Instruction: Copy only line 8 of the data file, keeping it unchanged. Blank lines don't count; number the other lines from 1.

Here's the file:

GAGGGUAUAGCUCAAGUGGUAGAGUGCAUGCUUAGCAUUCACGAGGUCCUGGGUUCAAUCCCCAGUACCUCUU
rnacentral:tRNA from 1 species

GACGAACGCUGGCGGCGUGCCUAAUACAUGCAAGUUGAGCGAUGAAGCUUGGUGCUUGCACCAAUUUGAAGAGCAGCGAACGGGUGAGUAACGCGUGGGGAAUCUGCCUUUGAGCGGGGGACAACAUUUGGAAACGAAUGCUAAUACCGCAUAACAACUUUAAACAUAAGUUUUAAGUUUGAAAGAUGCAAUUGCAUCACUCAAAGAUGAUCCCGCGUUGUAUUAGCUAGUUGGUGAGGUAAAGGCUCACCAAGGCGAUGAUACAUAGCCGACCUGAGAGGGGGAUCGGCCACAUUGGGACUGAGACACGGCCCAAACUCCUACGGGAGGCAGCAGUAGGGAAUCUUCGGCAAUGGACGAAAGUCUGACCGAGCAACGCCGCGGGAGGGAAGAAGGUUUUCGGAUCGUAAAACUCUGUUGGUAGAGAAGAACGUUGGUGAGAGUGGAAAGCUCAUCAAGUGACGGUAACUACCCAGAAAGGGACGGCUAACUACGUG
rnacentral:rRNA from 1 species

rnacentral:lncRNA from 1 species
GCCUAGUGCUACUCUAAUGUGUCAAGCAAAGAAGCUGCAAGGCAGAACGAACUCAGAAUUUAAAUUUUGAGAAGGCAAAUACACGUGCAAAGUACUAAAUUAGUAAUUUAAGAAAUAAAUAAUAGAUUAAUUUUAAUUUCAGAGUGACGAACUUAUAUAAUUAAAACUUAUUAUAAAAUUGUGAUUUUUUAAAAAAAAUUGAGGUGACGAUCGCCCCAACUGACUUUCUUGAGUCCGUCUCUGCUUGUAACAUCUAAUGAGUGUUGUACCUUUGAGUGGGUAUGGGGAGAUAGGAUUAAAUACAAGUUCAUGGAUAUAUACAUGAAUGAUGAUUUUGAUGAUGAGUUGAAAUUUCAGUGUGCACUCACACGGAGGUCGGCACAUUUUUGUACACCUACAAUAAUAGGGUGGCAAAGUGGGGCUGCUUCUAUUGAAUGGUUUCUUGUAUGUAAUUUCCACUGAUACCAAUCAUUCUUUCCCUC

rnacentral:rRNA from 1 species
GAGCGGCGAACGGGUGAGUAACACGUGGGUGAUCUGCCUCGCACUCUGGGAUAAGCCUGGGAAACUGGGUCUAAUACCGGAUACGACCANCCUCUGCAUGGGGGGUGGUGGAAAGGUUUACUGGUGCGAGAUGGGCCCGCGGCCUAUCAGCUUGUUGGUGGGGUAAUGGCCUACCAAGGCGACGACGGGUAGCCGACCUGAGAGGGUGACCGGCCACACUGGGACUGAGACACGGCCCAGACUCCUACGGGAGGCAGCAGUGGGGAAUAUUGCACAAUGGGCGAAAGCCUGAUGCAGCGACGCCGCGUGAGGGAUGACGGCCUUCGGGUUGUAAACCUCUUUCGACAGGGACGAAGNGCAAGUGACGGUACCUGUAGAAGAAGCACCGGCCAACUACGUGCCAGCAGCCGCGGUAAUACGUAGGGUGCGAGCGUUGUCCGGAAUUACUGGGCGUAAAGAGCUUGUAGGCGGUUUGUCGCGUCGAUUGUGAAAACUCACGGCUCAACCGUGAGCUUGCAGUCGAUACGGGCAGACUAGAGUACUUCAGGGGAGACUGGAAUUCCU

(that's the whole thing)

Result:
GAGCGGCGAACGGGUGAGUAACACGUGGGUGAUCUGCCUCGCACUCUGGGAUAAGCCUGGGAAACUGGGUCUAAUACCGGAUACGACCANCCUCUGCAUGGGGGGUGGUGGAAAGGUUUACUGGUGCGAGAUGGGCCCGCGGCCUAUCAGCUUGUUGGUGGGGUAAUGGCCUACCAAGGCGACGACGGGUAGCCGACCUGAGAGGGUGACCGGCCACACUGGGACUGAGACACGGCCCAGACUCCUACGGGAGGCAGCAGUGGGGAAUAUUGCACAAUGGGCGAAAGCCUGAUGCAGCGACGCCGCGUGAGGGAUGACGGCCUUCGGGUUGUAAACCUCUUUCGACAGGGACGAAGNGCAAGUGACGGUACCUGUAGAAGAAGCACCGGCCAACUACGUGCCAGCAGCCGCGGUAAUACGUAGGGUGCGAGCGUUGUCCGGAAUUACUGGGCGUAAAGAGCUUGUAGGCGGUUUGUCGCGUCGAUUGUGAAAACUCACGGCUCAACCGUGAGCUUGCAGUCGAUACGGGCAGACUAGAGUACUUCAGGGGAGACUGGAAUUCCU